King David was, as usual, in trouble. Somebody or something was after him. Swords, spears, poison, royal duplicity. Or doubts and devils of the internal kind. Not so different from me, or you I suspect. On any given day we need God now and in force.
“Part your heavens, Lord, and come down; touch the mountains, so that they smoke. Send forth lightning and scatter the enemy,” David prayed. (Psalm 144:5-6)
How often have you felt like that? God, come down!
Christmas is an answer to that prayer.
Because no matter how many flashing lights we string and drums we bang, in the birth of Christ there were no smoking mountains and lightning bolts.
That’s not to say Jesus’ birth was not marked by the monumental. There hung a star, sung an angel choir. Those, however, were mere messengers. The birth itself was the miracle.
I remember the births of my children. Each was profound and transformational. With each I stood trembling as if thunder had crashed, wondering at the miracle of being a part of God’s creation.
Thirty some-odd years later, I put the two stories together, the birth of Jesus and the birth of my children. God came down like this?
There was no thunder and lightning, outside my overwhelmed heart. They were beautiful, red and wrinkled and pointy-headed. They looked old, as if they’d travelled from eternity. They were fragile and tiny, skin translucent, as near death as life. Vulnerable. Needy.
There’s a modern painting of Joseph and Mary after the birth of Jesus. It is so real and earthy. Dirt and stone but no smoke and lightning. The parents slouch on the ground, leaning against a rock wall with sandaled feet forward. Their eyes are closed in tired disbelief. Mary, slumped on Joseph’s shoulder, holds Jesus, swaddled, fragile, just like my children: vulnerable, needy.
The Lord came down, answering our many prayers, but in the most unpretentious, unpredicted, unexpected way.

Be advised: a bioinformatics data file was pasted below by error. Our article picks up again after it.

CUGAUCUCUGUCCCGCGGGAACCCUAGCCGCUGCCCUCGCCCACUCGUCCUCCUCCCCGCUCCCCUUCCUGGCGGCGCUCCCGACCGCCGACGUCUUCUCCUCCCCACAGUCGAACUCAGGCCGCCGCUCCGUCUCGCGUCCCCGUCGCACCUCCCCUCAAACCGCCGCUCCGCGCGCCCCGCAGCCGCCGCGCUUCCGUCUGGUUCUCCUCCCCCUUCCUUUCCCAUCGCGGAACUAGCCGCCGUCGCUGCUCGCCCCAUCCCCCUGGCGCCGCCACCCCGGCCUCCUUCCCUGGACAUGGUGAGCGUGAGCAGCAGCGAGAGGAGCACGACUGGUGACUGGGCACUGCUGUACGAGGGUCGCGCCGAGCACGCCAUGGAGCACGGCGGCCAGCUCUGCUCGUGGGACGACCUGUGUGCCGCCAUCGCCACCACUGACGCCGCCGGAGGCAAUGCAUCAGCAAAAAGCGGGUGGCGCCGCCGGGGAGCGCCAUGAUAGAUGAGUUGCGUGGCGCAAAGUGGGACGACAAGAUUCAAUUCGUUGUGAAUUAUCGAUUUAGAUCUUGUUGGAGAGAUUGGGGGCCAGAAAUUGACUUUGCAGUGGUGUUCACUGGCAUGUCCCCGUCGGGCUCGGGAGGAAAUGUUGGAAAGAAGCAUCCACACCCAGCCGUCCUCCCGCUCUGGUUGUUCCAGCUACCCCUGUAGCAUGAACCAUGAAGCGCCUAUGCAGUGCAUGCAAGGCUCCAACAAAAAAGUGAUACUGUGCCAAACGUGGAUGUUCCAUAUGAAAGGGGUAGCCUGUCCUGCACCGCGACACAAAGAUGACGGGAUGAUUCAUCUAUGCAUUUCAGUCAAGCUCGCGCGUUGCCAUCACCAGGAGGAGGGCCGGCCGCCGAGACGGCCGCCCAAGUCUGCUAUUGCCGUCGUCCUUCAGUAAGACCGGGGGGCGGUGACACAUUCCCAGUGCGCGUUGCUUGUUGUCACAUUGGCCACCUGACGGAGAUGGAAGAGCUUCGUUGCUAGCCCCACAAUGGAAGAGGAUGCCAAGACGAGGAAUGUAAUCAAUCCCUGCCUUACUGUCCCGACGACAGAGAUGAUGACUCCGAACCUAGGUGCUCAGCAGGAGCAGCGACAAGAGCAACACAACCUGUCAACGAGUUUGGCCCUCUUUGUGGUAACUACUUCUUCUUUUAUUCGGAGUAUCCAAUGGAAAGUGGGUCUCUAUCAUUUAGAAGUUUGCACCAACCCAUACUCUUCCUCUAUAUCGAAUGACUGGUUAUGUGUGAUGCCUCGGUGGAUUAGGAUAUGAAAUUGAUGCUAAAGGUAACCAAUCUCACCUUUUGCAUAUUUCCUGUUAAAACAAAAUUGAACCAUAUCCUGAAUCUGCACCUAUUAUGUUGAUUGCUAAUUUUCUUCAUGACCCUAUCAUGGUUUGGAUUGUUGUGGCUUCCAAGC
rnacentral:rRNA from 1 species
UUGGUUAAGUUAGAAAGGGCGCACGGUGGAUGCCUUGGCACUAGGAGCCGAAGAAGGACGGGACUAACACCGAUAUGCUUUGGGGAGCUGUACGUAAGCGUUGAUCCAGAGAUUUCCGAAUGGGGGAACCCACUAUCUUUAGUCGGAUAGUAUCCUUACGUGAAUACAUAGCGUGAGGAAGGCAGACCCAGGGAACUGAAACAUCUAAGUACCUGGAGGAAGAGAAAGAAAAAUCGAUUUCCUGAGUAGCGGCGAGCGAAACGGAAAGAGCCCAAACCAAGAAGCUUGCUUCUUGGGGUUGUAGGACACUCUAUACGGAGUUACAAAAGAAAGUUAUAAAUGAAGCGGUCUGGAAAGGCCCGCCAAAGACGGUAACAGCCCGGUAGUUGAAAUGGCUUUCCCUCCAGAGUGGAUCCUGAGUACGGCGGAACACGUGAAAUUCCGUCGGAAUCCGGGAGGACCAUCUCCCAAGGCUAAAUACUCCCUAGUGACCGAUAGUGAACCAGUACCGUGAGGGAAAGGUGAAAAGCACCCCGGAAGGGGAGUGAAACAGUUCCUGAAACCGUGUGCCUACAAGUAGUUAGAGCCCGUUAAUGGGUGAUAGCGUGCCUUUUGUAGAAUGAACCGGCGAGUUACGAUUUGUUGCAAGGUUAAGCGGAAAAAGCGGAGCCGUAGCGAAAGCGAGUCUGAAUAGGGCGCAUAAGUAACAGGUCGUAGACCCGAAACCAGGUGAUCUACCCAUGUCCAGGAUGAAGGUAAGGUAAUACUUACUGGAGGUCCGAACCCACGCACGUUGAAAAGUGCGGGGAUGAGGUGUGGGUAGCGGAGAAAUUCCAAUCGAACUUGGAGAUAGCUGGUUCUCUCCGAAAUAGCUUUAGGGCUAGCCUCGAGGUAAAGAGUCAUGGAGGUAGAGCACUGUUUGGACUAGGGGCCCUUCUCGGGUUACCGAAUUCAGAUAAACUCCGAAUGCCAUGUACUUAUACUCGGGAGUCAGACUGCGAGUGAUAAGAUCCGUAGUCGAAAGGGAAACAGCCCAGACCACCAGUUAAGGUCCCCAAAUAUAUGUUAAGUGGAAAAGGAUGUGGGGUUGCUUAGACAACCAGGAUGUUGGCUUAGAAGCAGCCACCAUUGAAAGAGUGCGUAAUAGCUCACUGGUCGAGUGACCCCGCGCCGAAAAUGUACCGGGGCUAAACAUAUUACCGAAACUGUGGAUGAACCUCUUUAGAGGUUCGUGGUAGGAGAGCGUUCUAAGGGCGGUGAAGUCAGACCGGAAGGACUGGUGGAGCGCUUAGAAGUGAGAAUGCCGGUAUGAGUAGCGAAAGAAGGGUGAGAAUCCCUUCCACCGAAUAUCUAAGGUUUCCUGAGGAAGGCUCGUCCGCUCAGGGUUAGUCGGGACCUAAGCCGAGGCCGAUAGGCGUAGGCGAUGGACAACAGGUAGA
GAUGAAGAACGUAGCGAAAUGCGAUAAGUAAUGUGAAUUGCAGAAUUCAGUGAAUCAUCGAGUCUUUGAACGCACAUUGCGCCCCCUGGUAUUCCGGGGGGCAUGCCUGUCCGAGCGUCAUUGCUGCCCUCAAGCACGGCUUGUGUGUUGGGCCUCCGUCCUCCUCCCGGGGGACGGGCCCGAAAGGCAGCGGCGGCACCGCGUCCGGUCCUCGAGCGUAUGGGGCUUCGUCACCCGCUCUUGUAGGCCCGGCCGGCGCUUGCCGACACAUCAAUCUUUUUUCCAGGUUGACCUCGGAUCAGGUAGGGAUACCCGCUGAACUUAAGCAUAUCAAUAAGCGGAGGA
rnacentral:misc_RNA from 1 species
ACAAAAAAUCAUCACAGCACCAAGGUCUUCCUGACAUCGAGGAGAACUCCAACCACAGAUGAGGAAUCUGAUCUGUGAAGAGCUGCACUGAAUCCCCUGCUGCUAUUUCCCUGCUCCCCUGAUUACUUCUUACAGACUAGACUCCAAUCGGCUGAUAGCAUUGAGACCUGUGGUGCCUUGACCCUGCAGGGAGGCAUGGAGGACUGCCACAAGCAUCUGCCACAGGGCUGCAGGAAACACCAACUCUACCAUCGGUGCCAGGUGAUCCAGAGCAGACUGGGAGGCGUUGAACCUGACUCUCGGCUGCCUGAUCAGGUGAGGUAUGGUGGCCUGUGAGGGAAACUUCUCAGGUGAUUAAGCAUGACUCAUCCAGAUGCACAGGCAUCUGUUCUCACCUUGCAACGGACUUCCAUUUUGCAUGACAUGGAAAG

Why? Why not come as David prayed?
The answer, in part, is at the heart of the Incarnation.
In coming, my children did not claim my allegiance through show of force, but captured it with a smile or cry. They did not force me to kneel down to change their diapers or raspberry their bare tummies, but I knelt to serve, love, and be near them. They did not demand service and sacrifice, they needed it and I found my greatest joy in making sure they were dry and safe and well fed. I served them gladly. They did not demand love but they grew it in me and drew it from me.
This is why Jesus came not with thunder and lightning but with dimples and folds.
This is why he came a mere six pounds and nineteen inches rather than six-foot four two-fifty.
The God who needs nothing, especially our puny selves, came down as a needy babe so we could bow down, love, serve, and draw near.
As Frederich Buechner writes, “The Word become flesh. Ultimate Mystery born with a skull you could crush one-handed. Incarnation. It is not tame. It is not touching. It is not beautiful. It is uninhabitable terror. It is unthinkable darkness riven with unbearable light. Agonized laboring led to it, vast upheavals of intergalactic space/time split apart, a wrenching and tearing of the very sinews of reality itself. You can only cover your eyes and shudder before it, before this: ‘God of God, Light of Light, very God of very God . . . who for us and for our salvation,’ as the Nicene Creed puts it, ‘came down from heaven.’”
Yes, we should cover our eyes and shudder as if lightning struck. And sometimes I do. But Omnipotence joined in impotence so that we need not run and hide. We desire nothing less than a mountain shaking miracle for all to see. But what we needed was altogether different. We needed the miracle of God come down to be with us so that as he grew so would our love for him.
And one more miracle. God did not come down only that angel announced day. He does it now and forever. “I will be with you till the end of the age.” May this Christmas be the beginning or renewal of your journey with God. After all, he came down in answer to your prayer.